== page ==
April the 1st is commonly known as April Fool’s Day. It is also the day that many people’s health insurance premiums increase. For some, this increase can correspond with higher levels of cover or increased access for more services and for others it can just be an increase with no real changes to their policy.
The following is an excerpt from the Australian Dental Association about a report by Choice regarding Extras Cover with private health insurers.
Following the announcement that the Federal Government will permit private health insurance premiums to increase by 5.59%, consumer body Choice is encouraging health fund members to consider dropping their extras insurance unless they are confident of receiving more in benefits than they are paying in premiums.
The organisation says fund members need to weigh up whether they do get financial benefits from their extras insurance which covers costs such as dental check-ups. Choice says an analysis of extras cover shows low average payout rates and savings of up to 45% available to consumers who drop it.
According to Choice, the 5.59% average premium increase will see a 48.3% cumulative premium increase since 2009 and comes two weeks after Medibank announced a 58% jump in net profit.
The Federal Health Minister Ms Sussan Ley said that some of 40,000-plus health fund policies are “clearly junk”. “I’m particularly concerned when I hear of patients unsure of what they’re covered for or how much they’ll be out of pocket, despite being a loyal customer for many years,” she said. Ms Ley said as part of her reform discussions with the private health industry, she is “investigating ways to ensure consumers can compare apples with apples when they shop around”. Her report can be read here.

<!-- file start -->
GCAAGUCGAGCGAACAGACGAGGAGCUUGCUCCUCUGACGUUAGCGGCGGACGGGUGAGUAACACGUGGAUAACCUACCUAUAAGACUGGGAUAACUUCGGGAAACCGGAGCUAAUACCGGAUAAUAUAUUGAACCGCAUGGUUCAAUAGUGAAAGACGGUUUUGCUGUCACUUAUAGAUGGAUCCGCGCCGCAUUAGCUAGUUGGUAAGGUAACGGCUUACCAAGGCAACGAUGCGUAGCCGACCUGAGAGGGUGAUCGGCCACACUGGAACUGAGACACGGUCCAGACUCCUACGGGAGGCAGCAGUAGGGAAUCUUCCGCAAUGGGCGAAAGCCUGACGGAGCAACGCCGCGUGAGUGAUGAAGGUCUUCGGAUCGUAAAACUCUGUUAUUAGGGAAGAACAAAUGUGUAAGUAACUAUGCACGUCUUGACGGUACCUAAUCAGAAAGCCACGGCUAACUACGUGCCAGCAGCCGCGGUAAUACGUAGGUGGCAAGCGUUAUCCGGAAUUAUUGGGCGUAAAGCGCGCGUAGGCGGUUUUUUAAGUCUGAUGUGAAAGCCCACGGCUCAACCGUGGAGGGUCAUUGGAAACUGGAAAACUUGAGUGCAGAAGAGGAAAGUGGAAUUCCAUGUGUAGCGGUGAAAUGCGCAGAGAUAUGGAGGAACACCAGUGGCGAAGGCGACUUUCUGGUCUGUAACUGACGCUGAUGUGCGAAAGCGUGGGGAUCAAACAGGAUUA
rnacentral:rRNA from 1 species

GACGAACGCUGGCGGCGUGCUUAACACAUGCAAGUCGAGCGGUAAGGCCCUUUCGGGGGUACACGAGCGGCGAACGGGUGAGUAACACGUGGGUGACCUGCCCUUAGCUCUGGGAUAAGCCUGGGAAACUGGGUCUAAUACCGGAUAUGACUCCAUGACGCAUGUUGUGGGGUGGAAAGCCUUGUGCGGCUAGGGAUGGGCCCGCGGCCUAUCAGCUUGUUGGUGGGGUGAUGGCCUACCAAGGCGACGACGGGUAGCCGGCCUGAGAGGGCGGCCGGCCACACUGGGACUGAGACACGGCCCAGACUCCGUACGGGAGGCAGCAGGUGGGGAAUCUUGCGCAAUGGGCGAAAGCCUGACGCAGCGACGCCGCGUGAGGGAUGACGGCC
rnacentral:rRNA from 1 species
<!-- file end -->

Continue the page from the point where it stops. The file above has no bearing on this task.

Meanwhile, consumers wanting free, independent comparison advice on health policies should visit the Private Health Insurance Ombudsman’s website.
Consumer advocacy group Choice has identified seven popular “junk‟ private health insurance policies that it says are a waste of money for consumers and taxpayers, and is calling on the Federal Government to act. These policies, from Medibank, NIB, HCF and others, come with restrictions and exclusions for the vast majority of treatments with little benefit above what is already provided through Medicare, according to Choice. “Our analysis shows that in many cases, junk policies cover less than 1% of the services available in hospital, and exclude treatment for the most common serious illnesses such as cancer, stroke and heart disease,” says Choice Head of Media Tom Godfrey. Choice recently encouraged health fund members to consider dropping their extras (mainly dental) insurance unless they are confident of receiving more in benefits than they are paying in premiums.
For more about the information provided by Choice about Extras with Private Health Insurance visit the following link